NYS and IRS Penalty Reduction
Penalty relief can be successfully sought by negotiating penalty reduction with the IRS, and NYS Department of Taxation and Finance. In order to achieve penalty relief from either agency it may require being able to prove reasonable cause. Penalty reduction is important since the amount of overall tax debt attributable to penalties can be close to 50% of the total tax bill owed before penalties are added in. If this is your first time with a tax penalty being assessed against you, you may be lucky and be entitled to the first-time penalty abatement discussed below.
In this post, I will discuss penalty reduction with the IRS and NYS Department of Taxation and Finance for failure to file tax returns on time, negligence penalties, fraud penalties (tax evasion), late filing penalties, and failure to pay on time, which includes underpayment penalties, and estimated taxes penalty for individual taxpayers (but not businesses).
The failure to file penalty is assessed when a taxpayer fails to timely file a tax return. The penalty is generally 5% of the unpaid taxes for each month or part of a month that the return is late, up to a maximum of 25%. The penalty for failure to pay tax debt on time is assessed when a taxpayer does not pay the taxes owed by the original due date of the tax return. The penalty is 0.5% of the unpaid taxes for each month or part of a month, up to a maximum of 25%. There is an offset of the two penalties, so the total penalty for failure to file and pay on time is generally about 47.5%.
As stated above typically the best way to seek penalty relief is to prove Reasonable Cause. Reasonable Cause may be established if the taxpayer can demonstrate that he or she exercised ordinary business care and prudence in meeting the tax obligations, but nevertheless failed to file or pay on time. The penalty relief will be granted if it can be shown that there was a reasonable cause for the failure to timely file or pay taxes or that the penalty would create a current undue financial hardship to pay and a financial issue existed at the time of the missed tax payment. This standard is hard to meet in practice, and that is why getting help is often needed.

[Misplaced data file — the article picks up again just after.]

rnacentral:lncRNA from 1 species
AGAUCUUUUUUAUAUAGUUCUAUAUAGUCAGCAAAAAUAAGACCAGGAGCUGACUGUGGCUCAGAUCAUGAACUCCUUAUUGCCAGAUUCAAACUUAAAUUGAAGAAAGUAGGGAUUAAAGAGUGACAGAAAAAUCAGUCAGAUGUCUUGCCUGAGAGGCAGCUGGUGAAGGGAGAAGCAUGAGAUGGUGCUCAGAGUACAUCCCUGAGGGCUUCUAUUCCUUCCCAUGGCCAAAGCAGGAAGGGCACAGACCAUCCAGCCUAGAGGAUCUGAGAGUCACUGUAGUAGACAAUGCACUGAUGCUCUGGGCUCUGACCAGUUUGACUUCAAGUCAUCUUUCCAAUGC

First Basis: First Time Penalty Abatement
If this is your first time being charged a penalty, the First-Time Penalty Abatement Policy applies if all of your tax returns have been filed, and you have either paid or arranged to pay all tax currently due (for example, by setting up an Installment Agreement and staying current with monthly payments), you may qualify for penalty relief under the IRS First-Time Abatement Policy (FTA). The policy was implemented to reward past tax compliance and promote future compliance, thus it is a one-time consideration for a single tax year and granted only for a taxpayer’s first penalty charge. This policy does not require a showing of reasonable cause before relief is granted.
This First-Time Penalty Abatement Policy relief is not available for some penalties, such as those returns with an event-based filing requirement. These include, for example, the Form 706 (U.S. Estate Tax Return), Form 709 (U.S. Gift Transfer Tax Return), Form 1120, or Form 1120S if a return was filed late and a penalty was not assessed within the past three years.